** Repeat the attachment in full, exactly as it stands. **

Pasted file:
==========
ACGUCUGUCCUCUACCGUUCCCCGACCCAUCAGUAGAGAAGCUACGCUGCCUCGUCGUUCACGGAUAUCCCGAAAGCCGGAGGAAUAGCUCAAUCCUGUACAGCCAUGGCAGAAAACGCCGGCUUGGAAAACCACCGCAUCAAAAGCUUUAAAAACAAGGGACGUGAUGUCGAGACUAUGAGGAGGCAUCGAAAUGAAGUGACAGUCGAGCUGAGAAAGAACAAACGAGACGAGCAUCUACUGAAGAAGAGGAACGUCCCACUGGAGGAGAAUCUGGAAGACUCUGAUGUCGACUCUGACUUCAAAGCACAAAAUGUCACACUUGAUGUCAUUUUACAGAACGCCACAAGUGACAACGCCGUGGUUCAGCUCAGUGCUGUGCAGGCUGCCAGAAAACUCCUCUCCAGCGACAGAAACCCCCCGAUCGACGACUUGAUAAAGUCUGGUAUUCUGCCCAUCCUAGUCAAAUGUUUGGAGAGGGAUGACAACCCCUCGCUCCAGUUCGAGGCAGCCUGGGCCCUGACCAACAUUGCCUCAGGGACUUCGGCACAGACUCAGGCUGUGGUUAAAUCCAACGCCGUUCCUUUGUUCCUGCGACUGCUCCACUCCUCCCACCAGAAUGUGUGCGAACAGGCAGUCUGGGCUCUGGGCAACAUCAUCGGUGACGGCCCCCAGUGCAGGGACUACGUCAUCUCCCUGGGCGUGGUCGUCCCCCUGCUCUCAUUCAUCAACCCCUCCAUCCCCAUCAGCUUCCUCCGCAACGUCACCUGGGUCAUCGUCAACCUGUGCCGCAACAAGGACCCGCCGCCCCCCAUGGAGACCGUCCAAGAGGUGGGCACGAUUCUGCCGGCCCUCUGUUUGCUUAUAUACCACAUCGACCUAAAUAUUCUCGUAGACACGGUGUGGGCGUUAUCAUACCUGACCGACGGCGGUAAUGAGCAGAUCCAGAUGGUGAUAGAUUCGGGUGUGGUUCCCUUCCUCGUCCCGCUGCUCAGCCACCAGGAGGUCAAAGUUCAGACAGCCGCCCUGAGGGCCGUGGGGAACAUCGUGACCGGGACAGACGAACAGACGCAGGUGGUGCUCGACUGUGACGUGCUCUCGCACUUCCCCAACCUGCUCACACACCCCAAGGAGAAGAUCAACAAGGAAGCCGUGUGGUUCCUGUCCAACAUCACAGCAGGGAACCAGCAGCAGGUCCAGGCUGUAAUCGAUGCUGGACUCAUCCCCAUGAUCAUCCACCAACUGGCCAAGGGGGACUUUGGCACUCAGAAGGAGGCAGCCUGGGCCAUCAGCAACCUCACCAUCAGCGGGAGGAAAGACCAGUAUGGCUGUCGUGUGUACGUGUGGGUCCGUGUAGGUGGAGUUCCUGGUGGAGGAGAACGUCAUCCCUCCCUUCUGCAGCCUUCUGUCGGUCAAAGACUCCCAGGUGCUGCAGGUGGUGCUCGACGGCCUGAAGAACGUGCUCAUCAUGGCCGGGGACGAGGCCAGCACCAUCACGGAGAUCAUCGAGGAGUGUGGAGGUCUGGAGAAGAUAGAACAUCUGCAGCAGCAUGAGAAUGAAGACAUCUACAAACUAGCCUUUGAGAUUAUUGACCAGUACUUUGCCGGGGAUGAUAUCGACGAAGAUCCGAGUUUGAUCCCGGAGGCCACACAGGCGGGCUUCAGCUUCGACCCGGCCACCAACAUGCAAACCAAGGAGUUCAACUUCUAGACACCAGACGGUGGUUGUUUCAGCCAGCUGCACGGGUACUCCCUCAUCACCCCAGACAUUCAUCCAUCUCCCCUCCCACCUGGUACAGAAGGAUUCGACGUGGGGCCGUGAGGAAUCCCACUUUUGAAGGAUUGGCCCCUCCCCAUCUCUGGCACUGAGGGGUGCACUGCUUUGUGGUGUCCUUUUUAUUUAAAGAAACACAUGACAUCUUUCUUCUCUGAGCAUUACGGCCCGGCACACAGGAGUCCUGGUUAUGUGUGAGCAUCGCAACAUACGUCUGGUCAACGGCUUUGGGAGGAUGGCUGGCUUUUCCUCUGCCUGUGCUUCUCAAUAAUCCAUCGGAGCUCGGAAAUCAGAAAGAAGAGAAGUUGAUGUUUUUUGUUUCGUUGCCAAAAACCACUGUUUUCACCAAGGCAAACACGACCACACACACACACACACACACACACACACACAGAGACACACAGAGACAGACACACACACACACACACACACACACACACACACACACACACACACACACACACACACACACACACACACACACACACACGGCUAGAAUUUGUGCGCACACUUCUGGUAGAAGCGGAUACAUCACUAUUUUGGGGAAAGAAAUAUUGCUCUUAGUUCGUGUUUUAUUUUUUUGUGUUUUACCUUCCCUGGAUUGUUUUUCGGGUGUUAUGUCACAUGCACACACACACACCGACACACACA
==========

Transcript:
ACGUCUGUCCUCUACCGUUCCCCGACCCAUCAGUAGAGAAGCUACGCUGCCUCGUCGUUCACGGAUAUCCCGAAAGCCGGAGGAAUAGCUCAAUCCUGUACAGCCAUGGCAGAAAACGCCGGCUUGGAAAACCACCGCAUCAAAAGCUUUAAAAACAAGGGACGUGAUGUCGAGACUAUGAGGAGGCAUCGAAAUGAAGUGACAGUCGAGCUGAGAAAGAACAAACGAGACGAGCAUCUACUGAAGAAGAGGAACGUCCCACUGGAGGAGAAUCUGGAAGACUCUGAUGUCGACUCUGACUUCAAAGCACAAAAUGUCACACUUGAUGUCAUUUUACAGAACGCCACAAGUGACAACGCCGUGGUUCAGCUCAGUGCUGUGCAGGCUGCCAGAAAACUCCUCUCCAGCGACAGAAACCCCCCGAUCGACGACUUGAUAAAGUCUGGUAUUCUGCCCAUCCUAGUCAAAUGUUUGGAGAGGGAUGACAACCCCUCGCUCCAGUUCGAGGCAGCCUGGGCCCUGACCAACAUUGCCUCAGGGACUUCGGCACAGACUCAGGCUGUGGUUAAAUCCAACGCCGUUCCUUUGUUCCUGCGACUGCUCCACUCCUCCCACCAGAAUGUGUGCGAACAGGCAGUCUGGGCUCUGGGCAACAUCAUCGGUGACGGCCCCCAGUGCAGGGACUACGUCAUCUCCCUGGGCGUGGUCGUCCCCCUGCUCUCAUUCAUCAACCCCUCCAUCCCCAUCAGCUUCCUCCGCAACGUCACCUGGGUCAUCGUCAACCUGUGCCGCAACAAGGACCCGCCGCCCCCCAUGGAGACCGUCCAAGAGGUGGGCACGAUUCUGCCGGCCCUCUGUUUGCUUAUAUACCACAUCGACCUAAAUAUUCUCGUAGACACGGUGUGGGCGUUAUCAUACCUGACCGACGGCGGUAAUGAGCAGAUCCAGAUGGUGAUAGAUUCGGGUGUGGUUCCCUUCCUCGUCCCGCUGCUCAGCCACCAGGAGGUCAAAGUUCAGACAGCCGCCCUGAGGGCCGUGGGGAACAUCGUGACCGGGACAGACGAACAGACGCAGGUGGUGCUCGACUGUGACGUGCUCUCGCACUUCCCCAACCUGCUCACACACCCCAAGGAGAAGAUCAACAAGGAAGCCGUGUGGUUCCUGUCCAACAUCACAGCAGGGAACCAGCAGCAGGUCCAGGCUGUAAUCGAUGCUGGACUCAUCCCCAUGAUCAUCCACCAACUGGCCAAGGGGGACUUUGGCACUCAGAAGGAGGCAGCCUGGGCCAUCAGCAACCUCACCAUCAGCGGGAGGAAAGACCAGUAUGGCUGUCGUGUGUACGUGUGGGUCCGUGUAGGUGGAGUUCCUGGUGGAGGAGAACGUCAUCCCUCCCUUCUGCAGCCUUCUGUCGGUCAAAGACUCCCAGGUGCUGCAGGUGGUGCUCGACGGCCUGAAGAACGUGCUCAUCAUGGCCGGGGACGAGGCCAGCACCAUCACGGAGAUCAUCGAGGAGUGUGGAGGUCUGGAGAAGAUAGAACAUCUGCAGCAGCAUGAGAAUGAAGACAUCUACAAACUAGCCUUUGAGAUUAUUGACCAGUACUUUGCCGGGGAUGAUAUCGACGAAGAUCCGAGUUUGAUCCCGGAGGCCACACAGGCGGGCUUCAGCUUCGACCCGGCCACCAACAUGCAAACCAAGGAGUUCAACUUCUAGACACCAGACGGUGGUUGUUUCAGCCAGCUGCACGGGUACUCCCUCAUCACCCCAGACAUUCAUCCAUCUCCCCUCCCACCUGGUACAGAAGGAUUCGACGUGGGGCCGUGAGGAAUCCCACUUUUGAAGGAUUGGCCCCUCCCCAUCUCUGGCACUGAGGGGUGCACUGCUUUGUGGUGUCCUUUUUAUUUAAAGAAACACAUGACAUCUUUCUUCUCUGAGCAUUACGGCCCGGCACACAGGAGUCCUGGUUAUGUGUGAGCAUCGCAACAUACGUCUGGUCAACGGCUUUGGGAGGAUGGCUGGCUUUUCCUCUGCCUGUGCUUCUCAAUAAUCCAUCGGAGCUCGGAAAUCAGAAAGAAGAGAAGUUGAUGUUUUUUGUUUCGUUGCCAAAAACCACUGUUUUCACCAAGGCAAACACGACCACACACACACACACACACACACACACACACAGAGACACACAGAGACAGACACACACACACACACACACACACACACACACACACACACACACACACACACACACACACACACACACACACACACACACGGCUAGAAUUUGUGCGCACACUUCUGGUAGAAGCGGAUACAUCACUAUUUUGGGGAAAGAAAUAUUGCUCUUAGUUCGUGUUUUAUUUUUUUGUGUUUUACCUUCCCUGGAUUGUUUUUCGGGUGUUAUGUCACAUGCACACACACACACCGACACACACA